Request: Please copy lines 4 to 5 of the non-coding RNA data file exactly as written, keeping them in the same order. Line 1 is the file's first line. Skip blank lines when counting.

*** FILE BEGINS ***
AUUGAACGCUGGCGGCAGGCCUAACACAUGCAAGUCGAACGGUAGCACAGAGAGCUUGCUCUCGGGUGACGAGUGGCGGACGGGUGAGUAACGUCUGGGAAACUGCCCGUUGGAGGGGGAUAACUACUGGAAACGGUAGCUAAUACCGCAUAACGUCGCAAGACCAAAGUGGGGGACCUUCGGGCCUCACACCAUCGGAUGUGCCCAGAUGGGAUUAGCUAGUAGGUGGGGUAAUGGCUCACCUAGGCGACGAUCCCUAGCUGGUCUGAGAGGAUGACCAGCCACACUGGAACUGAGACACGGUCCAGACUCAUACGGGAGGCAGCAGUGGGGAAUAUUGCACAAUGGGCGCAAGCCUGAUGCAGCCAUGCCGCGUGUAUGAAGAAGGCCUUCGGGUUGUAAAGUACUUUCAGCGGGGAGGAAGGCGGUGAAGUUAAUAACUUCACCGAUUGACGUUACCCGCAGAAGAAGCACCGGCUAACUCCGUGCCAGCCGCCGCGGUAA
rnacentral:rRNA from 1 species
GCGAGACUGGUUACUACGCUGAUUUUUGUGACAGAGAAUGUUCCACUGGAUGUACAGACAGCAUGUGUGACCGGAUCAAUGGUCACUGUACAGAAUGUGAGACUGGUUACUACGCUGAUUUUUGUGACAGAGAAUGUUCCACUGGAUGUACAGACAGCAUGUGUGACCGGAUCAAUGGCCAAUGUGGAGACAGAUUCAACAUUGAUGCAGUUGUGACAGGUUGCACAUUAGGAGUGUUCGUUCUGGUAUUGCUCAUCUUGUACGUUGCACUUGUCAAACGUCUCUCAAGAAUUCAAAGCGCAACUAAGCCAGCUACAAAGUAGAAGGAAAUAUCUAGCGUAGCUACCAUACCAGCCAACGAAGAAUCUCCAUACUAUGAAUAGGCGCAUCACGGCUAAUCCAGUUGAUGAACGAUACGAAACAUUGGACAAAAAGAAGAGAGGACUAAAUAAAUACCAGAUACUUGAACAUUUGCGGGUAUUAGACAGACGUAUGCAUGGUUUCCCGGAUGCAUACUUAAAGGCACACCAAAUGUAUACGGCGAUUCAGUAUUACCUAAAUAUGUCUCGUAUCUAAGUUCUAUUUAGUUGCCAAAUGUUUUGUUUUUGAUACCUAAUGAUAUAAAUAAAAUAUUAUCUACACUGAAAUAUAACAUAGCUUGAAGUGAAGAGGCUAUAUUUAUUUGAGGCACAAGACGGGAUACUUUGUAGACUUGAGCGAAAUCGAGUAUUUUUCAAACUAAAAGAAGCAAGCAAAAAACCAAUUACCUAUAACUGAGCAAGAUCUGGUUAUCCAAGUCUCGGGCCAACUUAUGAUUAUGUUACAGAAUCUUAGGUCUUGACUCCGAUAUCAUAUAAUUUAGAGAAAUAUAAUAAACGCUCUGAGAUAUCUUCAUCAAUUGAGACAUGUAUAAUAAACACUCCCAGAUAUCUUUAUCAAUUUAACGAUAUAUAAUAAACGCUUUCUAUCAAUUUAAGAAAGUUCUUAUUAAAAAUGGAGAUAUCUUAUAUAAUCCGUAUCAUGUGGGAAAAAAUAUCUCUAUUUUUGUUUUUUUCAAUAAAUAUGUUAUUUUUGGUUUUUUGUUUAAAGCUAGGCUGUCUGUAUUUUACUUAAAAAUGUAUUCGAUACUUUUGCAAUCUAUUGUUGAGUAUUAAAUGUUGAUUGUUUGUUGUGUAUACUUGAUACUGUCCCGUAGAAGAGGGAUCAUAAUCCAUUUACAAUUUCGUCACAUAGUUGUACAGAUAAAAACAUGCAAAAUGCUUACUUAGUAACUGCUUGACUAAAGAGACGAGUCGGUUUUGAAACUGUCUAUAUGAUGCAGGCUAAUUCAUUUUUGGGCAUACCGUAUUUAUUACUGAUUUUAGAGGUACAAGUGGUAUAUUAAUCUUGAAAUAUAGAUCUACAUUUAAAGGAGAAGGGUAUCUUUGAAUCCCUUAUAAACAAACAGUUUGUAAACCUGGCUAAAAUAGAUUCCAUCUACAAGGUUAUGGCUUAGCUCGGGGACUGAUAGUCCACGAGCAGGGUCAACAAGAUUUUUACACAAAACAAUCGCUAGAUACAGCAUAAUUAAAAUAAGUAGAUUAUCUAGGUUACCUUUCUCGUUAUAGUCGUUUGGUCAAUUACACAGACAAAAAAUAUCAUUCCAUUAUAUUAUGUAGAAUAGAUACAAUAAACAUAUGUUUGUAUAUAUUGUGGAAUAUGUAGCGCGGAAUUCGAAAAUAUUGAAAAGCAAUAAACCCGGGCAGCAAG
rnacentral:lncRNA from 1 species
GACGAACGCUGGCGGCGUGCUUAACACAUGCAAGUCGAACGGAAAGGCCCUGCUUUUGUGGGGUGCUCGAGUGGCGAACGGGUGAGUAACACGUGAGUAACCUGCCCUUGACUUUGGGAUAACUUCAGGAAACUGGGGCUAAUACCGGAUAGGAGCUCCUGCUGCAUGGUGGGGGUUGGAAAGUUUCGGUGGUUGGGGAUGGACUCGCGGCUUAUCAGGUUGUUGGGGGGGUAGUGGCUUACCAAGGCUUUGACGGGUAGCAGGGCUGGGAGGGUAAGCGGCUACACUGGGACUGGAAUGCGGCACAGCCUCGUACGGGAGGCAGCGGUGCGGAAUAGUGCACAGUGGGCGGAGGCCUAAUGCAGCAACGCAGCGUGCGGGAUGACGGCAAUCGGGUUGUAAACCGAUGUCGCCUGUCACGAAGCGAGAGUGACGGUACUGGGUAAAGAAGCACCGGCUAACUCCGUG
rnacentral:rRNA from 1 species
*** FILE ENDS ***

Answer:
rnacentral:lncRNA from 1 species
GACGAACGCUGGCGGCGUGCUUAACACAUGCAAGUCGAACGGAAAGGCCCUGCUUUUGUGGGGUGCUCGAGUGGCGAACGGGUGAGUAACACGUGAGUAACCUGCCCUUGACUUUGGGAUAACUUCAGGAAACUGGGGCUAAUACCGGAUAGGAGCUCCUGCUGCAUGGUGGGGGUUGGAAAGUUUCGGUGGUUGGGGAUGGACUCGCGGCUUAUCAGGUUGUUGGGGGGGUAGUGGCUUACCAAGGCUUUGACGGGUAGCAGGGCUGGGAGGGUAAGCGGCUACACUGGGACUGGAAUGCGGCACAGCCUCGUACGGGAGGCAGCGGUGCGGAAUAGUGCACAGUGGGCGGAGGCCUAAUGCAGCAACGCAGCGUGCGGGAUGACGGCAAUCGGGUUGUAAACCGAUGUCGCCUGUCACGAAGCGAGAGUGACGGUACUGGGUAAAGAAGCACCGGCUAACUCCGUG